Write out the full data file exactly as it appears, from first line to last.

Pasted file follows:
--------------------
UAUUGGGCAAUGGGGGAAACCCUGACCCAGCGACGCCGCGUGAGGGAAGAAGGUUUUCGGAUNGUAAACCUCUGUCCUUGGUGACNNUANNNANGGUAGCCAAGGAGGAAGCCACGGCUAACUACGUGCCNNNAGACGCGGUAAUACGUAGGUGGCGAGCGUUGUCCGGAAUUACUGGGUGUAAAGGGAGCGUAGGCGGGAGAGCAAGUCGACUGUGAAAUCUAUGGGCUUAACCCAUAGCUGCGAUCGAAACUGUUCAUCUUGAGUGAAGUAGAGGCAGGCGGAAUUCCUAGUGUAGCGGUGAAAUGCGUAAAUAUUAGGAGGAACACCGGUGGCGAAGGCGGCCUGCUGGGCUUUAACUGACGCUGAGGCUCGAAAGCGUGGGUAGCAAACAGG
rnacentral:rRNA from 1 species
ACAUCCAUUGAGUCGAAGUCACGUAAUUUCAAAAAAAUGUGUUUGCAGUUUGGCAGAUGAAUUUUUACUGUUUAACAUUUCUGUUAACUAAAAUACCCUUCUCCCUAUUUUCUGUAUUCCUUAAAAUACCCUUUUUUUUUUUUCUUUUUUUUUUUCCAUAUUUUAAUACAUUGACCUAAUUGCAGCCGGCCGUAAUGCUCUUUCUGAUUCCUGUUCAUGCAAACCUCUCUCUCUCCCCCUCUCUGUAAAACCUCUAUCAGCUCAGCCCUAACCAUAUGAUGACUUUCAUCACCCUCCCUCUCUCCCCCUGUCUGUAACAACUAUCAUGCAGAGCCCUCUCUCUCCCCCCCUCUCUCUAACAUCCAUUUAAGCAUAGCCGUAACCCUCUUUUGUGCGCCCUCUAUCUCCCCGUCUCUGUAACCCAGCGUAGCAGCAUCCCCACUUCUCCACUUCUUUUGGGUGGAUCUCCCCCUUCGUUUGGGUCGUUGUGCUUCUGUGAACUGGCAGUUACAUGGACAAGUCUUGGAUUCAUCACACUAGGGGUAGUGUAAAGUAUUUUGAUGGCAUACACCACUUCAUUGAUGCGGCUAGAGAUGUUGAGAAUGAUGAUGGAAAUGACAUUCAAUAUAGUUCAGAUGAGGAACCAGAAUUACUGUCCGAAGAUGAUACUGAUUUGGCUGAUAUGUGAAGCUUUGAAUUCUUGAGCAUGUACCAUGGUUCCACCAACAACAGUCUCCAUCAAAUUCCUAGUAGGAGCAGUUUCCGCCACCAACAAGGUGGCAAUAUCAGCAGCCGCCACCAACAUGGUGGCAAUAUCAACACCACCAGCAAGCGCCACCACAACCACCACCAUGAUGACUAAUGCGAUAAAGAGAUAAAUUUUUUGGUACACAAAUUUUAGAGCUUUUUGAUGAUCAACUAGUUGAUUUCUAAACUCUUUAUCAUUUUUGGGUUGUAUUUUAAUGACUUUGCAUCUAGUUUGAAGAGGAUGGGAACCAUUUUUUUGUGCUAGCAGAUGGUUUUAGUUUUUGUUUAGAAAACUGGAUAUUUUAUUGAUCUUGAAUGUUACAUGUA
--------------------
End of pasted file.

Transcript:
UAUUGGGCAAUGGGGGAAACCCUGACCCAGCGACGCCGCGUGAGGGAAGAAGGUUUUCGGAUNGUAAACCUCUGUCCUUGGUGACNNUANNNANGGUAGCCAAGGAGGAAGCCACGGCUAACUACGUGCCNNNAGACGCGGUAAUACGUAGGUGGCGAGCGUUGUCCGGAAUUACUGGGUGUAAAGGGAGCGUAGGCGGGAGAGCAAGUCGACUGUGAAAUCUAUGGGCUUAACCCAUAGCUGCGAUCGAAACUGUUCAUCUUGAGUGAAGUAGAGGCAGGCGGAAUUCCUAGUGUAGCGGUGAAAUGCGUAAAUAUUAGGAGGAACACCGGUGGCGAAGGCGGCCUGCUGGGCUUUAACUGACGCUGAGGCUCGAAAGCGUGGGUAGCAAACAGG
rnacentral:rRNA from 1 species
ACAUCCAUUGAGUCGAAGUCACGUAAUUUCAAAAAAAUGUGUUUGCAGUUUGGCAGAUGAAUUUUUACUGUUUAACAUUUCUGUUAACUAAAAUACCCUUCUCCCUAUUUUCUGUAUUCCUUAAAAUACCCUUUUUUUUUUUUCUUUUUUUUUUUCCAUAUUUUAAUACAUUGACCUAAUUGCAGCCGGCCGUAAUGCUCUUUCUGAUUCCUGUUCAUGCAAACCUCUCUCUCUCCCCCUCUCUGUAAAACCUCUAUCAGCUCAGCCCUAACCAUAUGAUGACUUUCAUCACCCUCCCUCUCUCCCCCUGUCUGUAACAACUAUCAUGCAGAGCCCUCUCUCUCCCCCCCUCUCUCUAACAUCCAUUUAAGCAUAGCCGUAACCCUCUUUUGUGCGCCCUCUAUCUCCCCGUCUCUGUAACCCAGCGUAGCAGCAUCCCCACUUCUCCACUUCUUUUGGGUGGAUCUCCCCCUUCGUUUGGGUCGUUGUGCUUCUGUGAACUGGCAGUUACAUGGACAAGUCUUGGAUUCAUCACACUAGGGGUAGUGUAAAGUAUUUUGAUGGCAUACACCACUUCAUUGAUGCGGCUAGAGAUGUUGAGAAUGAUGAUGGAAAUGACAUUCAAUAUAGUUCAGAUGAGGAACCAGAAUUACUGUCCGAAGAUGAUACUGAUUUGGCUGAUAUGUGAAGCUUUGAAUUCUUGAGCAUGUACCAUGGUUCCACCAACAACAGUCUCCAUCAAAUUCCUAGUAGGAGCAGUUUCCGCCACCAACAAGGUGGCAAUAUCAGCAGCCGCCACCAACAUGGUGGCAAUAUCAACACCACCAGCAAGCGCCACCACAACCACCACCAUGAUGACUAAUGCGAUAAAGAGAUAAAUUUUUUGGUACACAAAUUUUAGAGCUUUUUGAUGAUCAACUAGUUGAUUUCUAAACUCUUUAUCAUUUUUGGGUUGUAUUUUAAUGACUUUGCAUCUAGUUUGAAGAGGAUGGGAACCAUUUUUUUGUGCUAGCAGAUGGUUUUAGUUUUUGUUUAGAAAACUGGAUAUUUUAUUGAUCUUGAAUGUUACAUGUA